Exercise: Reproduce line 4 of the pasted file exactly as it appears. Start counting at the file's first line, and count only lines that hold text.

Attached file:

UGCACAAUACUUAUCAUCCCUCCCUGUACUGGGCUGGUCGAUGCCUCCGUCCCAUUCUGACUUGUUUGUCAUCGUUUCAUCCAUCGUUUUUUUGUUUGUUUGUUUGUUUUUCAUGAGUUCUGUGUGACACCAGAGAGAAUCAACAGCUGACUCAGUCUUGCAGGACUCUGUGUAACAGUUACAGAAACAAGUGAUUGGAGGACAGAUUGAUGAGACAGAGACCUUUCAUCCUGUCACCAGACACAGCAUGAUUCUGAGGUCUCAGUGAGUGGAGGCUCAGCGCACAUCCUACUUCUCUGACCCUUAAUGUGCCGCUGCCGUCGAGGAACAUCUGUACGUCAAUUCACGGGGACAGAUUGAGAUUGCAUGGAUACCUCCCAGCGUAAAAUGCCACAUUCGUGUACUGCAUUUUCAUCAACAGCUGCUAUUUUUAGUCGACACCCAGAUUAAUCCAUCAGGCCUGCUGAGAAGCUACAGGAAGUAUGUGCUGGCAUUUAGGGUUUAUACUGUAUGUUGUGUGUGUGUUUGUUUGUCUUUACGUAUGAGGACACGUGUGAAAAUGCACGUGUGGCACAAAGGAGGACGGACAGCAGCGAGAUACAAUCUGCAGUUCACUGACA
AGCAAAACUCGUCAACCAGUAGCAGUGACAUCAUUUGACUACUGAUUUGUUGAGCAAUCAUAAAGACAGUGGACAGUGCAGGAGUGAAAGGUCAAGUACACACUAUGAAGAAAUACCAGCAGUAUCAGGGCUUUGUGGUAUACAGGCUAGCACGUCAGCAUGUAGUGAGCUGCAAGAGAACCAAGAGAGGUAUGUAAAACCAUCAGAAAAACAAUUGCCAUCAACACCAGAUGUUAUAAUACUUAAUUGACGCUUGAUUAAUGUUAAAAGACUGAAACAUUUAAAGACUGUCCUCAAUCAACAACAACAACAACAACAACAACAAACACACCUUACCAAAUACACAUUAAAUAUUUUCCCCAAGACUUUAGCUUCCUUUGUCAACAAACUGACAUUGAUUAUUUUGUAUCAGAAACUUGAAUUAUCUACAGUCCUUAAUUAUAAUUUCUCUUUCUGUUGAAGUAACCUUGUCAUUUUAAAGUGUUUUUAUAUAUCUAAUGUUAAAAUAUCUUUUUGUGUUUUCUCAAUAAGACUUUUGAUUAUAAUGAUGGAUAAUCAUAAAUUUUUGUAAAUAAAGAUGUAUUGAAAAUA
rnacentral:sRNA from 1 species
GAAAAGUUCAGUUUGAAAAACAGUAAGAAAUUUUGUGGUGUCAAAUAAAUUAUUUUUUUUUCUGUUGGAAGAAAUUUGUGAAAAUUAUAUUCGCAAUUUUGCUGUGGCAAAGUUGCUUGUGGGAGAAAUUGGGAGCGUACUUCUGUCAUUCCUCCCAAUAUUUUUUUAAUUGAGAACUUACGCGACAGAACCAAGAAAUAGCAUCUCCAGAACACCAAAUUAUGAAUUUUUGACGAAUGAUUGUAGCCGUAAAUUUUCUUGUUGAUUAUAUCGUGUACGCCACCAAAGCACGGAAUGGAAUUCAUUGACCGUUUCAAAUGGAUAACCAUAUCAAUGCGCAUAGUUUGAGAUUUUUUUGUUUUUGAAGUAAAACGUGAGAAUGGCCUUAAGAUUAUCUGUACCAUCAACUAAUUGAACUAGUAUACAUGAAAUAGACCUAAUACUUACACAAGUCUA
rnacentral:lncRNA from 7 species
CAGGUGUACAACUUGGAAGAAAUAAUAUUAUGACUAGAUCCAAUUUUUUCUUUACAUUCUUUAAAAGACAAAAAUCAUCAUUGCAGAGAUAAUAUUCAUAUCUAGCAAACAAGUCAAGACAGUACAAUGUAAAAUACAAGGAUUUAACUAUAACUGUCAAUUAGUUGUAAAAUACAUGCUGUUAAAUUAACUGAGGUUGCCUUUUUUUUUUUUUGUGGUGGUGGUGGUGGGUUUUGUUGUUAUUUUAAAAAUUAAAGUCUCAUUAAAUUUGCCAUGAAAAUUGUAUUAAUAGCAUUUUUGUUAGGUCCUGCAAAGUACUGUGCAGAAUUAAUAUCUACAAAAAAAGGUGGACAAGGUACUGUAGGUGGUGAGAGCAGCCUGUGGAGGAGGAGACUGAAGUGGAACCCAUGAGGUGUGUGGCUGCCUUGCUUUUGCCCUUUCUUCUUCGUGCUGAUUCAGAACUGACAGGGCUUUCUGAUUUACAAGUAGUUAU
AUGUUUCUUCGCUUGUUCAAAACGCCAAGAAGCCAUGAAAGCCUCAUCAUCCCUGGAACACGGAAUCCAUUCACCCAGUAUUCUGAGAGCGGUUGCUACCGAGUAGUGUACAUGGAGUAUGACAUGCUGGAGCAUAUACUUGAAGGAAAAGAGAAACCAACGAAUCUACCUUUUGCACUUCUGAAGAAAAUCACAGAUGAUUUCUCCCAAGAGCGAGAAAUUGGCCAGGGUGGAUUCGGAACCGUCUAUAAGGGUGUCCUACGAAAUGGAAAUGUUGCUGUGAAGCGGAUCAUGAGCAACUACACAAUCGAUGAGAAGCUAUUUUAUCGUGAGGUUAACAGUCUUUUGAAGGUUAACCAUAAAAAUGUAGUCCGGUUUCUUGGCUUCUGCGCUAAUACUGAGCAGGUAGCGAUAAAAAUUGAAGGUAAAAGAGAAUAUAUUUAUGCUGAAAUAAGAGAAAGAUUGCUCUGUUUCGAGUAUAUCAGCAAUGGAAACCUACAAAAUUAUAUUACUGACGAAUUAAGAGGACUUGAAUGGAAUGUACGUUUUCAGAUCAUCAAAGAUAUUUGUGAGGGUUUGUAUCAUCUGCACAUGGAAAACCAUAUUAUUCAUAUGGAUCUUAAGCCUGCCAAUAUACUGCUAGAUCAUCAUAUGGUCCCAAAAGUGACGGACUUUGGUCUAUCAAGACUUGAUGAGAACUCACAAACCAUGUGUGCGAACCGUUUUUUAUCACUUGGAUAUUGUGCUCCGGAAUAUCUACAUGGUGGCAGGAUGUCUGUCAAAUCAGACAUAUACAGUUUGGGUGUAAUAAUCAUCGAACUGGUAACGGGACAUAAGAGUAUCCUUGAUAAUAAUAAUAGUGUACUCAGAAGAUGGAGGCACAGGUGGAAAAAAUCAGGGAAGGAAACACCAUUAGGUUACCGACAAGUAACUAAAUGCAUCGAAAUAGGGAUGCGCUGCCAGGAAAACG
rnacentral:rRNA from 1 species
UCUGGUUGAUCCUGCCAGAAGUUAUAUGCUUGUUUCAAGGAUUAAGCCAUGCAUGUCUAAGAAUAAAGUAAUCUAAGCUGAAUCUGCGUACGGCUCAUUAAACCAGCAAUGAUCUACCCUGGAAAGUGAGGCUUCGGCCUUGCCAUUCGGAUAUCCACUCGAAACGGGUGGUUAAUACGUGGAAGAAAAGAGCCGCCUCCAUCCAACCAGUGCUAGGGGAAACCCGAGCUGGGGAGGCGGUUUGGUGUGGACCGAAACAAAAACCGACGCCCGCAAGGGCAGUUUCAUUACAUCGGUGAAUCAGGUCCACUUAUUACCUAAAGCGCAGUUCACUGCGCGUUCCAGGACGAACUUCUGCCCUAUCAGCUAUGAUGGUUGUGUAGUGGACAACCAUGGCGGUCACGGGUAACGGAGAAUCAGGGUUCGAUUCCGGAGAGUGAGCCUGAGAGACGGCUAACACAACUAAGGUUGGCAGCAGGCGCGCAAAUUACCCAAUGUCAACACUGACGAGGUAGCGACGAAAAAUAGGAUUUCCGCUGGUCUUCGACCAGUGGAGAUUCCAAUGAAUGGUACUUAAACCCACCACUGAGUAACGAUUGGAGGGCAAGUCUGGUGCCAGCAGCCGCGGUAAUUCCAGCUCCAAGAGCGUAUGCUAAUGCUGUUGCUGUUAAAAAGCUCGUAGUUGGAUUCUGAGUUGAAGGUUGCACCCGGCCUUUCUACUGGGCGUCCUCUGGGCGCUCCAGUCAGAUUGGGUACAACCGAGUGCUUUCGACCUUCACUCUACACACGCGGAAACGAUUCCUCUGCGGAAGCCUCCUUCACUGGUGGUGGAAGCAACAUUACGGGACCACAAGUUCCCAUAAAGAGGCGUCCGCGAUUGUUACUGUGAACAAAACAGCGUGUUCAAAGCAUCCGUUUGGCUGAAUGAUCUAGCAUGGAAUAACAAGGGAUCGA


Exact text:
GAAAAGUUCAGUUUGAAAAACAGUAAGAAAUUUUGUGGUGUCAAAUAAAUUAUUUUUUUUUCUGUUGGAAGAAAUUUGUGAAAAUUAUAUUCGCAAUUUUGCUGUGGCAAAGUUGCUUGUGGGAGAAAUUGGGAGCGUACUUCUGUCAUUCCUCCCAAUAUUUUUUUAAUUGAGAACUUACGCGACAGAACCAAGAAAUAGCAUCUCCAGAACACCAAAUUAUGAAUUUUUGACGAAUGAUUGUAGCCGUAAAUUUUCUUGUUGAUUAUAUCGUGUACGCCACCAAAGCACGGAAUGGAAUUCAUUGACCGUUUCAAAUGGAUAACCAUAUCAAUGCGCAUAGUUUGAGAUUUUUUUGUUUUUGAAGUAAAACGUGAGAAUGGCCUUAAGAUUAUCUGUACCAUCAACUAAUUGAACUAGUAUACAUGAAAUAGACCUAAUACUUACACAAGUCUA